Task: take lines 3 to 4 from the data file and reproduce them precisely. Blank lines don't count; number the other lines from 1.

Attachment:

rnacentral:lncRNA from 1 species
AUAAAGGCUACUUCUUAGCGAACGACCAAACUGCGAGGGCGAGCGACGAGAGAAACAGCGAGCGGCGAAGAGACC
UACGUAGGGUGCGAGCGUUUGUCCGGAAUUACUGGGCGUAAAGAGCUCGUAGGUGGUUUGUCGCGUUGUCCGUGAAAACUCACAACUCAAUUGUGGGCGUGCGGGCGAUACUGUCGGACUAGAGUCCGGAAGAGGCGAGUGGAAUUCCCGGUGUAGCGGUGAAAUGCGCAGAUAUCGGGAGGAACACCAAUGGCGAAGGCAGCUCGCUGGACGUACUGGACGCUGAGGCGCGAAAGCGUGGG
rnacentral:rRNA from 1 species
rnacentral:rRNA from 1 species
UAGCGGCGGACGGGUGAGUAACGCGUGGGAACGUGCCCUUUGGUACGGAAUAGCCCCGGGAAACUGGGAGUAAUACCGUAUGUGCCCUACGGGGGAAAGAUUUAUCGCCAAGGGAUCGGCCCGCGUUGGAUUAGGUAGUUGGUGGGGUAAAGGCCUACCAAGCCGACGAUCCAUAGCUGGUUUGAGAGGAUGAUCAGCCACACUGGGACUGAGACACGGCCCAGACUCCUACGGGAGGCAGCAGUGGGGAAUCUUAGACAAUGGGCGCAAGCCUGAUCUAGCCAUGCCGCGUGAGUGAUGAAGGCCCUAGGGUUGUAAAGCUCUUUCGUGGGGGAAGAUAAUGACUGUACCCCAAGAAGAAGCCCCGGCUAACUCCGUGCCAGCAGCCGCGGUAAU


UACGUAGGGUGCGAGCGUUUGUCCGGAAUUACUGGGCGUAAAGAGCUCGUAGGUGGUUUGUCGCGUUGUCCGUGAAAACUCACAACUCAAUUGUGGGCGUGCGGGCGAUACUGUCGGACUAGAGUCCGGAAGAGGCGAGUGGAAUUCCCGGUGUAGCGGUGAAAUGCGCAGAUAUCGGGAGGAACACCAAUGGCGAAGGCAGCUCGCUGGACGUACUGGACGCUGAGGCGCGAAAGCGUGGG
rnacentral:rRNA from 1 species